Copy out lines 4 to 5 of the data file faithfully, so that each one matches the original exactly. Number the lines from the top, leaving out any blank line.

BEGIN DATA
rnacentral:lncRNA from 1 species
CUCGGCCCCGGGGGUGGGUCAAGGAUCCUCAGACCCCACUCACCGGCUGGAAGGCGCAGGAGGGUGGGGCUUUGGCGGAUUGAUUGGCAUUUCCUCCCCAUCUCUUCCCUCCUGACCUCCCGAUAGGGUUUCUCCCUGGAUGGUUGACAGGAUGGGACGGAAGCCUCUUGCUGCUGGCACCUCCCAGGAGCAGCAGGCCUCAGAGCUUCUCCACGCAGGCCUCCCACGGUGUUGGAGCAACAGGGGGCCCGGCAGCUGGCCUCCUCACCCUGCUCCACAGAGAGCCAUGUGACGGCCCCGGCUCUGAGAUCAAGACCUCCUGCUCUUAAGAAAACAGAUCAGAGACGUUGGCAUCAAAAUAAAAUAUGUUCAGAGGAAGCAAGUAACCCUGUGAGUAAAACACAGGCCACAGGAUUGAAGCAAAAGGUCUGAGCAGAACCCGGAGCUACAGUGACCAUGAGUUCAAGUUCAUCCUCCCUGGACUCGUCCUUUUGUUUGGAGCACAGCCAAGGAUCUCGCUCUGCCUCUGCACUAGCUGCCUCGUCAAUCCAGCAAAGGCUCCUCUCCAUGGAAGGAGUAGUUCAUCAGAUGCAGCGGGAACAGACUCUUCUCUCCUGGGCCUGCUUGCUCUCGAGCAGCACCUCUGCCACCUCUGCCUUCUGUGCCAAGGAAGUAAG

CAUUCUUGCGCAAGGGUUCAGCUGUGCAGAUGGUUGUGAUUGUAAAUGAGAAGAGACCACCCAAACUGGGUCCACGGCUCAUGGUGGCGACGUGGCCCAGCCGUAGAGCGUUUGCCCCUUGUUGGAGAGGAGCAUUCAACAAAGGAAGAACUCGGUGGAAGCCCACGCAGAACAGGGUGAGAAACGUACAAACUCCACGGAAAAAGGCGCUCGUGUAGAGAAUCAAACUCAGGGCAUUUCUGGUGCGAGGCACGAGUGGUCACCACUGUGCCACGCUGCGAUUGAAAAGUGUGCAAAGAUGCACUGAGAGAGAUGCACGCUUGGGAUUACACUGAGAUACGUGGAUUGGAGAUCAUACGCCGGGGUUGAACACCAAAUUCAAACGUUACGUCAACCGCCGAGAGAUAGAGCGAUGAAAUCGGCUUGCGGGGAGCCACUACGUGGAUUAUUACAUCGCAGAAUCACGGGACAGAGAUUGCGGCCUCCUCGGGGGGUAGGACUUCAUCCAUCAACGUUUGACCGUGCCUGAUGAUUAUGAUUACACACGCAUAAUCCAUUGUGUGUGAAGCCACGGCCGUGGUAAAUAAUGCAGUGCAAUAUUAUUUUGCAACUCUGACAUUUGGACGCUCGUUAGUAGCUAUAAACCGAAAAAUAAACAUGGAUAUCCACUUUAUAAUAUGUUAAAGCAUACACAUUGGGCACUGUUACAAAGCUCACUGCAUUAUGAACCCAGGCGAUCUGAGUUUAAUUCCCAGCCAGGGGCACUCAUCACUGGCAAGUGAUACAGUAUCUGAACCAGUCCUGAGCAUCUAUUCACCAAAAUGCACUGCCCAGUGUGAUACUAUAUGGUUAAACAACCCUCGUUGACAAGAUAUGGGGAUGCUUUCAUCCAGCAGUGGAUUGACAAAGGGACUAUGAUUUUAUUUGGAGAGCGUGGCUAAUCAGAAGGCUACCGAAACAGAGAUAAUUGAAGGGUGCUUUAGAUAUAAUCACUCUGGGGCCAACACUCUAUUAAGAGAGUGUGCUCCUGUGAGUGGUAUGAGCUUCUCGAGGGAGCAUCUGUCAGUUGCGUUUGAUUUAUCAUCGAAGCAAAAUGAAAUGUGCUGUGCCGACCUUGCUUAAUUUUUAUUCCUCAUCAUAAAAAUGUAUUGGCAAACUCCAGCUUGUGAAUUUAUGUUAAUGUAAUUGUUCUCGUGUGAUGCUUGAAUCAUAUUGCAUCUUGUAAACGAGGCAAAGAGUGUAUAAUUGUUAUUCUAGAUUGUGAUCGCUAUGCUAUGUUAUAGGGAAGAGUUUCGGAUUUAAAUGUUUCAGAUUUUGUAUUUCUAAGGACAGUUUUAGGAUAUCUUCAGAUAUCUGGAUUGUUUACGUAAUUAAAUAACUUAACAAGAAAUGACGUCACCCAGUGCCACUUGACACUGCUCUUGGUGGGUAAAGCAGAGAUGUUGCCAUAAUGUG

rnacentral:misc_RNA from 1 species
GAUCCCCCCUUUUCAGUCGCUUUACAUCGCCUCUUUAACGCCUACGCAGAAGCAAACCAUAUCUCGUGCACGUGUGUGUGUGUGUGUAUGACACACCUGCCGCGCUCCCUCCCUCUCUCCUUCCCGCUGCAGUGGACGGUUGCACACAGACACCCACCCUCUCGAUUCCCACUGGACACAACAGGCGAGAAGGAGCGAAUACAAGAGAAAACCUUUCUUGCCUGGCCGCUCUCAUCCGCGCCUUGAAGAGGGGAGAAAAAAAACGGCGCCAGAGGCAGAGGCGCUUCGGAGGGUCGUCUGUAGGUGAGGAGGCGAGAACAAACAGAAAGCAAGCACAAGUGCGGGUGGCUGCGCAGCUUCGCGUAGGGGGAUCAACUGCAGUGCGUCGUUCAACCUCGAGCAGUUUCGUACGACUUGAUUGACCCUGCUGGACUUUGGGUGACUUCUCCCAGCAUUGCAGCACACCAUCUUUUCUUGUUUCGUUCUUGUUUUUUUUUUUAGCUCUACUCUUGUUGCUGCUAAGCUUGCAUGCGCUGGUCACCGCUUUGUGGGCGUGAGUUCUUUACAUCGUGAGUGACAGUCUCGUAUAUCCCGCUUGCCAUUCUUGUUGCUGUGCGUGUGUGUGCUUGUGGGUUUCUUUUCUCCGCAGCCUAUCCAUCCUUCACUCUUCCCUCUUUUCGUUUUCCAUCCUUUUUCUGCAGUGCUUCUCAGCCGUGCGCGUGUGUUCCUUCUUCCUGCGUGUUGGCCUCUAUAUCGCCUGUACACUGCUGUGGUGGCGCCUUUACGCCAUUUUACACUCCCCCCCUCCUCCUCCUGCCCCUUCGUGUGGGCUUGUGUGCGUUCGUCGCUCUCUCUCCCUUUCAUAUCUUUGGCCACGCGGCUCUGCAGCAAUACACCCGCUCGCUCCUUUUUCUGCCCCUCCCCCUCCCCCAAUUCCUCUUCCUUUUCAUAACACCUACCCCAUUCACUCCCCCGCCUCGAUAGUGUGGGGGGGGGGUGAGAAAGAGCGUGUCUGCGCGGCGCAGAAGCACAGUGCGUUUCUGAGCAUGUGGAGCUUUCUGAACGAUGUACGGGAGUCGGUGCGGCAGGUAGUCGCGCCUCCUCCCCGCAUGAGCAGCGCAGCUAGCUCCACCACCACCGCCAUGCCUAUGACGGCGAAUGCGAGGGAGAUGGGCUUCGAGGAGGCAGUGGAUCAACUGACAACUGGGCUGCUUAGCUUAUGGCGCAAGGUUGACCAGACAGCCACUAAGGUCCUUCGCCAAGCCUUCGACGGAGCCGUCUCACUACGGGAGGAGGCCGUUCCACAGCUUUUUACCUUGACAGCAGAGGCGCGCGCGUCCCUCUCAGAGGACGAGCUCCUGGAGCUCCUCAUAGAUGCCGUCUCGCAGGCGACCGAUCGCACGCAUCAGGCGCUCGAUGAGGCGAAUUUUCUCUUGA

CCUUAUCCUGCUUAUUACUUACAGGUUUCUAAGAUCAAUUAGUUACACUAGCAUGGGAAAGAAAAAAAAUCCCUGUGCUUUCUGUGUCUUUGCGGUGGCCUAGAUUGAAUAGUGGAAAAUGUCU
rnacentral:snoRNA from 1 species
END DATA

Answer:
rnacentral:misc_RNA from 1 species
GAUCCCCCCUUUUCAGUCGCUUUACAUCGCCUCUUUAACGCCUACGCAGAAGCAAACCAUAUCUCGUGCACGUGUGUGUGUGUGUGUAUGACACACCUGCCGCGCUCCCUCCCUCUCUCCUUCCCGCUGCAGUGGACGGUUGCACACAGACACCCACCCUCUCGAUUCCCACUGGACACAACAGGCGAGAAGGAGCGAAUACAAGAGAAAACCUUUCUUGCCUGGCCGCUCUCAUCCGCGCCUUGAAGAGGGGAGAAAAAAAACGGCGCCAGAGGCAGAGGCGCUUCGGAGGGUCGUCUGUAGGUGAGGAGGCGAGAACAAACAGAAAGCAAGCACAAGUGCGGGUGGCUGCGCAGCUUCGCGUAGGGGGAUCAACUGCAGUGCGUCGUUCAACCUCGAGCAGUUUCGUACGACUUGAUUGACCCUGCUGGACUUUGGGUGACUUCUCCCAGCAUUGCAGCACACCAUCUUUUCUUGUUUCGUUCUUGUUUUUUUUUUUAGCUCUACUCUUGUUGCUGCUAAGCUUGCAUGCGCUGGUCACCGCUUUGUGGGCGUGAGUUCUUUACAUCGUGAGUGACAGUCUCGUAUAUCCCGCUUGCCAUUCUUGUUGCUGUGCGUGUGUGUGCUUGUGGGUUUCUUUUCUCCGCAGCCUAUCCAUCCUUCACUCUUCCCUCUUUUCGUUUUCCAUCCUUUUUCUGCAGUGCUUCUCAGCCGUGCGCGUGUGUUCCUUCUUCCUGCGUGUUGGCCUCUAUAUCGCCUGUACACUGCUGUGGUGGCGCCUUUACGCCAUUUUACACUCCCCCCCUCCUCCUCCUGCCCCUUCGUGUGGGCUUGUGUGCGUUCGUCGCUCUCUCUCCCUUUCAUAUCUUUGGCCACGCGGCUCUGCAGCAAUACACCCGCUCGCUCCUUUUUCUGCCCCUCCCCCUCCCCCAAUUCCUCUUCCUUUUCAUAACACCUACCCCAUUCACUCCCCCGCCUCGAUAGUGUGGGGGGGGGGUGAGAAAGAGCGUGUCUGCGCGGCGCAGAAGCACAGUGCGUUUCUGAGCAUGUGGAGCUUUCUGAACGAUGUACGGGAGUCGGUGCGGCAGGUAGUCGCGCCUCCUCCCCGCAUGAGCAGCGCAGCUAGCUCCACCACCACCGCCAUGCCUAUGACGGCGAAUGCGAGGGAGAUGGGCUUCGAGGAGGCAGUGGAUCAACUGACAACUGGGCUGCUUAGCUUAUGGCGCAAGGUUGACCAGACAGCCACUAAGGUCCUUCGCCAAGCCUUCGACGGAGCCGUCUCACUACGGGAGGAGGCCGUUCCACAGCUUUUUACCUUGACAGCAGAGGCGCGCGCGUCCCUCUCAGAGGACGAGCUCCUGGAGCUCCUCAUAGAUGCCGUCUCGCAGGCGACCGAUCGCACGCAUCAGGCGCUCGAUGAGGCGAAUUUUCUCUUGA